I’m sure many people reading this are going to be quick to point out the negative aspects of managing results over relationships without reading further than the title.  Those of you who are familiar with my work are well aware of my passion for people, so this title may come as a bit of a surprise.  You are also likely familiar with my propensity to discuss the ugly side of organizational leadership; the types of situations that don’t make it into the final cut of the many best sellers out there.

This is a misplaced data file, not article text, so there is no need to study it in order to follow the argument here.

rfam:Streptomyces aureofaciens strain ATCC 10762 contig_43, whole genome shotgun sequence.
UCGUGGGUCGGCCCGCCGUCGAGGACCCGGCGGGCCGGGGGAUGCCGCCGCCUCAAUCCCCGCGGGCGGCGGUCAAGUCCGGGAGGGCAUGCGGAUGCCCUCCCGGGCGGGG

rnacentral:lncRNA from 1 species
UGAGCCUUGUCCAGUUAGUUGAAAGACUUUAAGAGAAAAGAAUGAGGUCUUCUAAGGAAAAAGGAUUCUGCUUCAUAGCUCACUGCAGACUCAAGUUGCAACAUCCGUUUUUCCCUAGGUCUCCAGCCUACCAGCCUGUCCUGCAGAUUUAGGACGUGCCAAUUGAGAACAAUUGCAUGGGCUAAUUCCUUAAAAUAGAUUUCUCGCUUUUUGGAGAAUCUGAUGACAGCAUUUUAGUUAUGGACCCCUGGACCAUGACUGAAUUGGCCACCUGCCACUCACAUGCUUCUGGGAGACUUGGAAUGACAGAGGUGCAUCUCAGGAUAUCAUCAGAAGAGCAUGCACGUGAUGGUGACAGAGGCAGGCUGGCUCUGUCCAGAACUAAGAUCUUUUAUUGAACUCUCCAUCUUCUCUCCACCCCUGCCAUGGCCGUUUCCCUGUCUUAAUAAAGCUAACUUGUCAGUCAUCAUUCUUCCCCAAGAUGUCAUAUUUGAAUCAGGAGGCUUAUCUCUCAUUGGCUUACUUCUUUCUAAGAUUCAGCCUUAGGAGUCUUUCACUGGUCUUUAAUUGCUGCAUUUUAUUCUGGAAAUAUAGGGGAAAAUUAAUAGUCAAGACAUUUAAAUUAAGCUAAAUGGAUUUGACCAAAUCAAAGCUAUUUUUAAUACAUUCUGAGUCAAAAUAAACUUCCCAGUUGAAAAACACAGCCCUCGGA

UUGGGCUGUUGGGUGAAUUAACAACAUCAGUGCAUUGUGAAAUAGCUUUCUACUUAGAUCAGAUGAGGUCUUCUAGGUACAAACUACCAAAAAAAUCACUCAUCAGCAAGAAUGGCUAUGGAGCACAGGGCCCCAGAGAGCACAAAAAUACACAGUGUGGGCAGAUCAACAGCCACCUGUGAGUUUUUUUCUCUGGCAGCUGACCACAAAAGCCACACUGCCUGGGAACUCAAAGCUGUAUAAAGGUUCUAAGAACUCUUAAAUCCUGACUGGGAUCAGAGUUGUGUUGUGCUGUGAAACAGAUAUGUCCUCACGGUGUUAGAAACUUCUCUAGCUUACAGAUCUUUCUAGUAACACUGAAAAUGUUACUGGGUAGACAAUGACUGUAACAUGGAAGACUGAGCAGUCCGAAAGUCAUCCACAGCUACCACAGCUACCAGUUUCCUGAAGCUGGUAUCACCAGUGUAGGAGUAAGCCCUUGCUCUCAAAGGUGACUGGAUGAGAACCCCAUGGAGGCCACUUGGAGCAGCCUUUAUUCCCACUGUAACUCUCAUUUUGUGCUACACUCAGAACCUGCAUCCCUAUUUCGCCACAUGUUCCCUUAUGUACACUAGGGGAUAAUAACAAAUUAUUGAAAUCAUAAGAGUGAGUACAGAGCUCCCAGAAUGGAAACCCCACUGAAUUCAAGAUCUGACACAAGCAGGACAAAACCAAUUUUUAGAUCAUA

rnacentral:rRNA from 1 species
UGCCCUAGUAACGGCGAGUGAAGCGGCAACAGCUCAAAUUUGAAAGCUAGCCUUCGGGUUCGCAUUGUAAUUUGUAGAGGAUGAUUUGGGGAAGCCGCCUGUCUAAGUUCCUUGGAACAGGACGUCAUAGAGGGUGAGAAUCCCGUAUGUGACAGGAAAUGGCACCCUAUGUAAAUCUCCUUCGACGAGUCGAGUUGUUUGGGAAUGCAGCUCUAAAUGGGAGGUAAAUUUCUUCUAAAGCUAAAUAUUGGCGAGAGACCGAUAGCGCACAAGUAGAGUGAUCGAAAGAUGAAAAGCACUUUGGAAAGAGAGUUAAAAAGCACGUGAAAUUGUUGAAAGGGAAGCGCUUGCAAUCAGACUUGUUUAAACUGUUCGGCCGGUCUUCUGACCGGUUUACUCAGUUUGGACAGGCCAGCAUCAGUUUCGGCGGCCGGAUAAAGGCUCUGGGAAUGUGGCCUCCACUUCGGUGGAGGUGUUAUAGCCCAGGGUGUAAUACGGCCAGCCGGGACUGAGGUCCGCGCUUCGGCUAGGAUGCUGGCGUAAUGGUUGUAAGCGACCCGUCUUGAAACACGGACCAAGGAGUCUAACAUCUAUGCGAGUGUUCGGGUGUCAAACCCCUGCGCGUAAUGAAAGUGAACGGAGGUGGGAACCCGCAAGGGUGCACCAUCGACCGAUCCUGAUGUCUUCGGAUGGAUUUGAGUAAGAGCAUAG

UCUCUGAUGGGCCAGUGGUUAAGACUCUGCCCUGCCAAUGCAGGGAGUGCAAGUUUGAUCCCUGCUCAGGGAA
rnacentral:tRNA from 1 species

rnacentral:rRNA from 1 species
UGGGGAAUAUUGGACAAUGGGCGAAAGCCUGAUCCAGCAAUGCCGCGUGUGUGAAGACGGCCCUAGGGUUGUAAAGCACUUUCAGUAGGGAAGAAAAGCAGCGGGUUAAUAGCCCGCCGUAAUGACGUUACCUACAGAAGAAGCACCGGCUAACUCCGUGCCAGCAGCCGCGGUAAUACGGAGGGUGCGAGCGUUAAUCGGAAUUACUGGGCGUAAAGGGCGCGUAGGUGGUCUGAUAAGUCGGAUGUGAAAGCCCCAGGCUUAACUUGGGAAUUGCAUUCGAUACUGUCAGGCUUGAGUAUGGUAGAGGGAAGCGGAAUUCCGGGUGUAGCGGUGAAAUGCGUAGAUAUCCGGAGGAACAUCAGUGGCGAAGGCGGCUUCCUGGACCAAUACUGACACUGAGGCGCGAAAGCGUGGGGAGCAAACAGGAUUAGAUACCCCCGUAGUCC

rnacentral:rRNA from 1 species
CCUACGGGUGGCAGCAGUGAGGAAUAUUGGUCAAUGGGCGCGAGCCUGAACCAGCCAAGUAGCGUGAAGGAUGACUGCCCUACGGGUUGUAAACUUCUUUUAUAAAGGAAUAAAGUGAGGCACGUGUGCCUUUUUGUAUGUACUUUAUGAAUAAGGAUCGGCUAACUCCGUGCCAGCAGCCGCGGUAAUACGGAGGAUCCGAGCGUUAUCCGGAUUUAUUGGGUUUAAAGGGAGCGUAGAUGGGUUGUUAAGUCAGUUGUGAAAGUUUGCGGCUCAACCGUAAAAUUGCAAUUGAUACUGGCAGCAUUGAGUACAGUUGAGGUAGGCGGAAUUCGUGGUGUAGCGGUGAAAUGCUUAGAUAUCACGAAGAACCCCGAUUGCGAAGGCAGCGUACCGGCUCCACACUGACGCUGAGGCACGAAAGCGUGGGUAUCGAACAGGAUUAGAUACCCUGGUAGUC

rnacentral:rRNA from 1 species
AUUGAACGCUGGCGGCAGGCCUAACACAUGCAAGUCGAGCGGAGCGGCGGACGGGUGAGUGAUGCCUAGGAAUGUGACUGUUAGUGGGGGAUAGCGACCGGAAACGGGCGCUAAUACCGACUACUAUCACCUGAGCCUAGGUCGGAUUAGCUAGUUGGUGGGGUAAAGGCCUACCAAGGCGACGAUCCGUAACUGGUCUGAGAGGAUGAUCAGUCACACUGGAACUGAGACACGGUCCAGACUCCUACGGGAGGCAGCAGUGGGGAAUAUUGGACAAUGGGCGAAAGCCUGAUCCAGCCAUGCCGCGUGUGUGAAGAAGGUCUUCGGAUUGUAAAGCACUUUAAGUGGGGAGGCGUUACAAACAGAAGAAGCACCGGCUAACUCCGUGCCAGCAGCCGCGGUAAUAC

We have all been taught, early in our careers, that if you have a great team, great results will just “happen.”  I used to preach out of that hymnbook myself when I was younger, but over the years I’ve learned that it just isn’t true.  Great teams will still require some level performance management to achieve great results.  Obviously, performing at a high level is virtually impossible without a great team, but the idea that results will just “happen” as a result of that is bull.  There is always going to be a balance between managing relationships and managing results.  For me, when things are going great, I spend around 80% of my time managing relationships.   At any given time, however, I could have a situation that requires a different approach, where the results come before the relationship; and that’s what I want to talk about today.